Sunday, August 28, 2016

A Pearl for Kizzy by Ed Bethune

This book is by an Arkansas author and is the author that I heard speak last week. I thought this novel was well told and had great character development.  If you don't have any prior knowledge of "river rats" or life living on the river, you will after reading this book.  You will feel yourself pulling for the main character, Kizzy, and admire her determination.  My only "issue" with the book is that I would necessarily label it a WWII novel.  The setting is during WWII time, but at the heart of it, it is the story of a young girl growing up in poverty as a river rat on the river.  It is definitely worth your time to read and I think if you are from Arkansas or the South, you might even enjoy it more.  It was neat to see my hometown of Newport mentioned and the White River Monster that we all grew up looking for every time we crossed the White River Bridge.  

Summary from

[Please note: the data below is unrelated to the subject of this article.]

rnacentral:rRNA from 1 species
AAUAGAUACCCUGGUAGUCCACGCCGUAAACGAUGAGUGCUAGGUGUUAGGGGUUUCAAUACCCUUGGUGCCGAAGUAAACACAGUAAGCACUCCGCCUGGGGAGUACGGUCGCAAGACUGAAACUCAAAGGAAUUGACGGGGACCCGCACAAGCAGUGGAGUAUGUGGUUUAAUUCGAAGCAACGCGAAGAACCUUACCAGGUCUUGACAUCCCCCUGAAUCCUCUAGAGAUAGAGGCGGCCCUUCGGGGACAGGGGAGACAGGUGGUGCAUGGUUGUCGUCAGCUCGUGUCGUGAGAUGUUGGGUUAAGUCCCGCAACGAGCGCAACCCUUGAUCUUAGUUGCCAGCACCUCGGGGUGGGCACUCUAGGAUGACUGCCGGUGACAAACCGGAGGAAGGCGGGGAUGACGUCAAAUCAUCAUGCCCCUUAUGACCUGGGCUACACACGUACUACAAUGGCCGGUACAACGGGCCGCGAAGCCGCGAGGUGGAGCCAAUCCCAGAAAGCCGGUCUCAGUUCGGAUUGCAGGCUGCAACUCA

Kizzy, a spirited child, lives with her family on a one-room ramshackle houseboat in Big Pearl, Arkansas. They fish, dig for mussels, look for pearls, and sell the shells to the button factory. It is a crude life made harder by the Great Depression, natural disasters, and prejudice. At the onset of World War II, Kizzy befriends a young boy-a refugee from Nazi Germany-and a cultured young woman who encourages her to read and learn from Jane Austen's books. Kizzy yearns for a better life, but as she comes of age her dream of getting off the river is threatened by the evil Bully Bigshot and his Eugenics Center, a corrupt outfit that wants to rid the world of "river rats" like her through abortion and "better breeding." ... And there is Cormac, the lascivious man Kizzy calls her "make-do stepfather." Kizzy's struggle mimics today's culture war. Daring, but realistic, the novel examines love, pride, compassion, courage, hope, morality, and duty-the things that inform and shape our destiny.

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